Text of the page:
Sun. May 19th, 2024

I moved my desk away from the window for the winter. In this old house with the thermostat set quite low, it gets too cold next to them, even with the exceptionally mild winter we’ve had. Moving my desk makes room for all my geranium cuttings, and now, my tomato and pepper starts.
But my view, my outlook, so to speak gets narrowed. Instead of looking out through the top of a tree to watch the birds, I find my focus sucked further into Facebook and the links to news articles and blogs. Even the picture on my walls have been hung to compliment the old desk set up.
My mood has gone decidedly down hill. Focusing on the doom and gloom of news reports has instilled a sense of futility. I can’t relax and enjoy light reading or TV. “How can all you fools be watching ‘Idol of the Day'”, I scream to myself. “Don’t you know how serious the situation is?” This only serves to bog me down further.
With the increase in daylight I have returned to some of my old practices. I am taking the dog for longer walks and using my cell phone to photograph spring bulbs heroicly pushing up through semi-frozen soil. I’ve replaced my winter computer wall paper to a decidely sunnier farm scene, which makes me long for our first farm home.
It is a picture of two ramshackle farm sheds with the green feilds rising behind them. Chickens scratch around the dooryard of one, and you feel as if a horse or cow might wander out into the barnyard of the other. Locust trees are filling out, and a set of grapevines are leafing out over the arbor. A dirt drive passes in front of them. There is so much potential captured in this photo. I can smell the musk of the dirt as the sun warms it, as well as the eventuality of new mown hay.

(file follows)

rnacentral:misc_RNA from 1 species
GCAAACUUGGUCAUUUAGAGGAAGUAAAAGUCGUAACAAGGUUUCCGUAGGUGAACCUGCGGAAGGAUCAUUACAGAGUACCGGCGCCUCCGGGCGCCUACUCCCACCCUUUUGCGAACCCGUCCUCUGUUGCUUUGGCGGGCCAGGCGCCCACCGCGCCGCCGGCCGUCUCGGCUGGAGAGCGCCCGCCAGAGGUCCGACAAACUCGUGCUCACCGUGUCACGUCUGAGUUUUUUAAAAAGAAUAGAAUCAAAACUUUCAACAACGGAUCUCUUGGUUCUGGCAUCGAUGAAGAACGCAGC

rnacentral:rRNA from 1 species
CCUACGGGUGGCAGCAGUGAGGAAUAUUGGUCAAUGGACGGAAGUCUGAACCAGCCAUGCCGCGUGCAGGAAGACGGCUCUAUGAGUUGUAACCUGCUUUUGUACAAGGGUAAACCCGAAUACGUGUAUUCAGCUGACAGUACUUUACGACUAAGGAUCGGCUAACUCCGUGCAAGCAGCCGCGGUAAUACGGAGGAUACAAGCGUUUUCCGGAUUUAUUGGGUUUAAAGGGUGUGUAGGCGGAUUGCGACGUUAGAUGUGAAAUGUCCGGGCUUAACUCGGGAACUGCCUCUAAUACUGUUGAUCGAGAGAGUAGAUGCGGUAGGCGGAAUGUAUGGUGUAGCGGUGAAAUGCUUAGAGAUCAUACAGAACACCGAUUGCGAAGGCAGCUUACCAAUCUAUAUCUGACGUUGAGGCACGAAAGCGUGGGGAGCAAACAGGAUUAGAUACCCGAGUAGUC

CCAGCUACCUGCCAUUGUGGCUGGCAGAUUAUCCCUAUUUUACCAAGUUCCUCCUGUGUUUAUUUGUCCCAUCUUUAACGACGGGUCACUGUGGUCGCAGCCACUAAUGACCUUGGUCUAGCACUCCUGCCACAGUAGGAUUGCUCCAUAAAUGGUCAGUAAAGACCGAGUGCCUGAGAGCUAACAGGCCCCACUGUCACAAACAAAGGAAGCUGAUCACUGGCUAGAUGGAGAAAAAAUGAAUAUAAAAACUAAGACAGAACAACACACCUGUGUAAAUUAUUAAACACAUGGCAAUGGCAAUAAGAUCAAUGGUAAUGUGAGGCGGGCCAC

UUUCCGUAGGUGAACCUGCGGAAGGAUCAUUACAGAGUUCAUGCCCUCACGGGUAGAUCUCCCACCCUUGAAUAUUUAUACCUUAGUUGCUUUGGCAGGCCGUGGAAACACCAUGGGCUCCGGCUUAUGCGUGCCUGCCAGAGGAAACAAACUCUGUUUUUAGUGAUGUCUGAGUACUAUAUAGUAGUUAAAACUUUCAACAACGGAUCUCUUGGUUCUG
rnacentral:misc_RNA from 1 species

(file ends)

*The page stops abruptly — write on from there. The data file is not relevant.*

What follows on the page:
There is a microbe in composted soil that reduces depression.

Called “geosmin,” the dirt smell that lends the earthy taste to beets and carrots.

Cooks call this “terroir”.  It gives regional foods their own particular flavor & odor

 It’s the flavor of life.

The microbe M. vaccae, acts like a mind altering drug, boosting the levels of serotonin and norepinephrine circulating in the body. It works in the same way as antidepressant pills, and you can dose yourself by breathing in the smell of good dirt. (and possibly by eating fresh foods grown in good dirt??? The article doesn’t say)

So it turns out those wonderful, joyful days of working in the garden were not just the effects of fresh air, sunshine, exercise and a sense of accomplishment….it’s also the work of a natural antidepressant. I’m going to turn my desk around so I can at least watch my future garden sprouting beneath my windows, and them I’m going to huff some compost.

I can feel my spirits rising already.

By AFarmer

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